After having been through the mill with each other (not to mention a full season of "Joanie Loves Chachi"), Joanie struggles with the fact the magic is gone with Chachi. She is now taking her education as a teacher seriously, while Chachi is concerned with his softball games and her attendance therein. Joanie confides to her father that she gets an awful feeling in the pit of her stomach when she sees Chachi, as she knows they're only going to fight. She comes to the conclusion it's over for good. Chachi, on the other hand, rallies to win back her affections in the most grandiose manner possible - leading to an unexpected, emotional, and definitely unusual denouement for any Happy Days episode in its 11-season history.
If I had to choose, The Ballad of Joanie and Chachi is the best, and most realistic episode dealing with romantic troubles of the "new" Happy Days (1980-1984). The writing is surprisingly deft, and there's no sugar-coated tying up of affairs in the final minutes. This is especially rare in an episode that doesn't end with the caption, "To Be Continued."
There must be a reason this episode stays in my mind 25 years later, and I believe it's due to the heartfelt approach taken. Anyone who has been through the gut-wrenching end of a relationship where the magic has seemingly disappeared into the ether will relate strongly to this Happy Days outing.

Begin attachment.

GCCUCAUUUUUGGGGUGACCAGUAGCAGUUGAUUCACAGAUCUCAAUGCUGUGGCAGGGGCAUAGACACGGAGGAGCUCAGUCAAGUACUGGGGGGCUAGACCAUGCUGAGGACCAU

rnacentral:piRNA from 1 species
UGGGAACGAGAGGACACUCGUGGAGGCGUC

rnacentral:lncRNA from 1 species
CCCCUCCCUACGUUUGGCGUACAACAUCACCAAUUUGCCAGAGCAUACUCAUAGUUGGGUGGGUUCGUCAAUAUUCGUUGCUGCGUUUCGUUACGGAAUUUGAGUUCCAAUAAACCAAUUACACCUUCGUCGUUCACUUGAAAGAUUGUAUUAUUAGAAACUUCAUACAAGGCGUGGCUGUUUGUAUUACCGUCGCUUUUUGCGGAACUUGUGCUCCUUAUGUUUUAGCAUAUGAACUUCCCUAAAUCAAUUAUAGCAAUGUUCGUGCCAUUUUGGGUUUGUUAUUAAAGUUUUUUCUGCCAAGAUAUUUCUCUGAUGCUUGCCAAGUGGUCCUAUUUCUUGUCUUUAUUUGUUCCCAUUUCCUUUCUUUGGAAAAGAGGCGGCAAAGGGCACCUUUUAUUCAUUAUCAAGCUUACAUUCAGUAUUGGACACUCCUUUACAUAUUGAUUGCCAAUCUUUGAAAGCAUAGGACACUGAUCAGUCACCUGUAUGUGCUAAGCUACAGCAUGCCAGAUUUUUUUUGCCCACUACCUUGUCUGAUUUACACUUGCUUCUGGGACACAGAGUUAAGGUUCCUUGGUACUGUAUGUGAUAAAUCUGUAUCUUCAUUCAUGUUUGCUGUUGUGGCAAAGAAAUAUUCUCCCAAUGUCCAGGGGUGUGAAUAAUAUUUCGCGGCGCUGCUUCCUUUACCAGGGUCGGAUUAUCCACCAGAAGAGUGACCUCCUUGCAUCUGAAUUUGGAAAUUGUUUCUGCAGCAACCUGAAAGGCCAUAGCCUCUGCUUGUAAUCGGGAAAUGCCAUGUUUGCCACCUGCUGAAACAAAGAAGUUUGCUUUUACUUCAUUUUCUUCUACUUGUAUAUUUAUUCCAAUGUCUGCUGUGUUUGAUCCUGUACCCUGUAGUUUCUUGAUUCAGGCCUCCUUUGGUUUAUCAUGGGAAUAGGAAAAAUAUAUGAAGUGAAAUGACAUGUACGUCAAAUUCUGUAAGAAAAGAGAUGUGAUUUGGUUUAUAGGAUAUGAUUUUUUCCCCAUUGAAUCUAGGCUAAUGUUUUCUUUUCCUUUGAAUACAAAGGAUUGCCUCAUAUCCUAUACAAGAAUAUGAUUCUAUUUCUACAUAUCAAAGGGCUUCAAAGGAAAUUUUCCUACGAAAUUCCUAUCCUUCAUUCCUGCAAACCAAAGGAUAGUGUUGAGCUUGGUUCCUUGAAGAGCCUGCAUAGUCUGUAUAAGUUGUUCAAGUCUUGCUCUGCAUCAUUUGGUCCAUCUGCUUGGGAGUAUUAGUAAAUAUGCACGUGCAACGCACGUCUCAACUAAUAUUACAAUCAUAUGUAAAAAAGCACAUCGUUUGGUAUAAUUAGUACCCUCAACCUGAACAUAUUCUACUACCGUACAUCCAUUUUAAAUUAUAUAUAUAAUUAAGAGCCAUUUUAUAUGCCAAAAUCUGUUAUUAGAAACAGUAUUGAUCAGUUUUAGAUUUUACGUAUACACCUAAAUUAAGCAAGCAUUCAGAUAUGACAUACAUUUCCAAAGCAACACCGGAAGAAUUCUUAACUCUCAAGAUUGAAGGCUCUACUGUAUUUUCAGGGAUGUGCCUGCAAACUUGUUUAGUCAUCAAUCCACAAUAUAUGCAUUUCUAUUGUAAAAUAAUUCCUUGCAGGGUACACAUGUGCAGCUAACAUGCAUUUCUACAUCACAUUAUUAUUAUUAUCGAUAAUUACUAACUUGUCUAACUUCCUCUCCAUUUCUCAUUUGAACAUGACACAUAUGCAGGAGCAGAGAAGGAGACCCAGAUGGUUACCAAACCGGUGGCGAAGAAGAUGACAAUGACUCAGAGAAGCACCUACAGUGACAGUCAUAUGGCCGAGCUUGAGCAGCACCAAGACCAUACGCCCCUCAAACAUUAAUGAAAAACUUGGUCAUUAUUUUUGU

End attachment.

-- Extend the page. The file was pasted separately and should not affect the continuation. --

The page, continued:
Where many of the episodes throughout the entire run of the series were somewhat superficial when attempting to deal with deeper issues (don't get me wrong; HD is my favorite show), this one is anything but. One scene were Howard is driving Joanie (while lamenting why he can never beat a particular traffic light before it turns red) at night, and she then bears her soul and weeps, knowing her relationship with Chachi is over is spot-on. It's so well-played one feels he or she's in the backseat observing a personal moment, and certainly not a sitcom. Otherwise haunting is the empty and dimly lit Arnold's diner when Chachi needs consoling from Fonzie. I never forget the perfect advice offered by a compassionate Winkler: "Right now, the pain is bigger than you are. But, every day, the pain will get a little bit smaller, until you are bigger than the pain."
Please take a second look at this episode (if possible, as we are still far away from the DVD release of Season 11). Of all the 200 plus episodes he directed, I think there's a reason the great Jerry Paris picked this one in which to appear. If you've ever had your heart broken, and you're a Happy Days fan, you'll find a special place for this one. A real gem.